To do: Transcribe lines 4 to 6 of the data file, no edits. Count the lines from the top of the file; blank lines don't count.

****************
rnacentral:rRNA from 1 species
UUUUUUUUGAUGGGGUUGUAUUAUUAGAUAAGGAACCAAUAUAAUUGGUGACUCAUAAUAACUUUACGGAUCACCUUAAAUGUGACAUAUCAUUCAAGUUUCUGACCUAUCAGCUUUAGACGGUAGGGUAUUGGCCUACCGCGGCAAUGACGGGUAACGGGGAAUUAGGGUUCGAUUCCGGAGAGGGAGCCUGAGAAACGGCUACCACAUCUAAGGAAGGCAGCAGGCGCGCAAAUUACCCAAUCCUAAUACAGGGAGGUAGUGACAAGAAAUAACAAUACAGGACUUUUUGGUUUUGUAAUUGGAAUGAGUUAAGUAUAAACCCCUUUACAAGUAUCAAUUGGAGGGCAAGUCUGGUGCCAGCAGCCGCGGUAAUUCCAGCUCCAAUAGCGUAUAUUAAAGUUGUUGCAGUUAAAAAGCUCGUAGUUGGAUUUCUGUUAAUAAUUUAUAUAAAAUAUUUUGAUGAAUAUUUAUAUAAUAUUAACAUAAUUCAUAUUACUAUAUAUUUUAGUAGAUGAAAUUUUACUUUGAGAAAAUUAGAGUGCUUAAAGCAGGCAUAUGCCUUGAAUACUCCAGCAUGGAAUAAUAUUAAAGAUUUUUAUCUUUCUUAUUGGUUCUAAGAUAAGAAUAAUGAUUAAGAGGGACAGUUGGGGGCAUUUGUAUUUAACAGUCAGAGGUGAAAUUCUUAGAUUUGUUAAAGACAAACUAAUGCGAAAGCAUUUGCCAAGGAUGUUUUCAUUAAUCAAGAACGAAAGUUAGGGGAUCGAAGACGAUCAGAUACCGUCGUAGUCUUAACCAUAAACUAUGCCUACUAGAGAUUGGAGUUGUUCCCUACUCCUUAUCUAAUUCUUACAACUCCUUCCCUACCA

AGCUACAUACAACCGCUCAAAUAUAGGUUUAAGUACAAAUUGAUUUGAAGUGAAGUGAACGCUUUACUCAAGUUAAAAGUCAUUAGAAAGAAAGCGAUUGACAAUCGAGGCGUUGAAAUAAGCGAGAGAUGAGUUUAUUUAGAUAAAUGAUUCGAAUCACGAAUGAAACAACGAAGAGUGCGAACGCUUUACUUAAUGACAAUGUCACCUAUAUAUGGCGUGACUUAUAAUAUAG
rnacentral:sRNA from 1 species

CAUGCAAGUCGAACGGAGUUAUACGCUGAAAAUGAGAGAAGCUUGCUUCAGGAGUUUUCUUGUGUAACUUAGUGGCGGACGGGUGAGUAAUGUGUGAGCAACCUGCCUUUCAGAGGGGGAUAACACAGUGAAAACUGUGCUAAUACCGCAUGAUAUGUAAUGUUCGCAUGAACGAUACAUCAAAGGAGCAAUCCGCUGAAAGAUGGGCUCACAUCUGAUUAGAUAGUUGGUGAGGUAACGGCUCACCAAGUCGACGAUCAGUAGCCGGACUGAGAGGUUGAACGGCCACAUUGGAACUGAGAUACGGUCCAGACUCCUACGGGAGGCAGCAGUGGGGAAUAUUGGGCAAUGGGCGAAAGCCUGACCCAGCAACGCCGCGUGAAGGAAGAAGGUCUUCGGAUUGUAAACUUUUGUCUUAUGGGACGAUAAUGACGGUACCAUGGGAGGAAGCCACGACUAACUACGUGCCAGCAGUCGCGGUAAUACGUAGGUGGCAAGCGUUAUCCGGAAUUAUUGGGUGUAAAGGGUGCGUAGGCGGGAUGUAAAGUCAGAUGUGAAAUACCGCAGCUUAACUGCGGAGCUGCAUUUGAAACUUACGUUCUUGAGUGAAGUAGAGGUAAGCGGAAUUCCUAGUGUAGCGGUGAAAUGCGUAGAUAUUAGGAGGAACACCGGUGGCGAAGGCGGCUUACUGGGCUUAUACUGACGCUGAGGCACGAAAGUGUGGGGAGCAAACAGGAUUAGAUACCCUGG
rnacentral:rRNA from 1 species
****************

rnacentral:sRNA from 1 species

CAUGCAAGUCGAACGGAGUUAUACGCUGAAAAUGAGAGAAGCUUGCUUCAGGAGUUUUCUUGUGUAACUUAGUGGCGGACGGGUGAGUAAUGUGUGAGCAACCUGCCUUUCAGAGGGGGAUAACACAGUGAAAACUGUGCUAAUACCGCAUGAUAUGUAAUGUUCGCAUGAACGAUACAUCAAAGGAGCAAUCCGCUGAAAGAUGGGCUCACAUCUGAUUAGAUAGUUGGUGAGGUAACGGCUCACCAAGUCGACGAUCAGUAGCCGGACUGAGAGGUUGAACGGCCACAUUGGAACUGAGAUACGGUCCAGACUCCUACGGGAGGCAGCAGUGGGGAAUAUUGGGCAAUGGGCGAAAGCCUGACCCAGCAACGCCGCGUGAAGGAAGAAGGUCUUCGGAUUGUAAACUUUUGUCUUAUGGGACGAUAAUGACGGUACCAUGGGAGGAAGCCACGACUAACUACGUGCCAGCAGUCGCGGUAAUACGUAGGUGGCAAGCGUUAUCCGGAAUUAUUGGGUGUAAAGGGUGCGUAGGCGGGAUGUAAAGUCAGAUGUGAAAUACCGCAGCUUAACUGCGGAGCUGCAUUUGAAACUUACGUUCUUGAGUGAAGUAGAGGUAAGCGGAAUUCCUAGUGUAGCGGUGAAAUGCGUAGAUAUUAGGAGGAACACCGGUGGCGAAGGCGGCUUACUGGGCUUAUACUGACGCUGAGGCACGAAAGUGUGGGGAGCAAACAGGAUUAGAUACCCUGG
rnacentral:rRNA from 1 species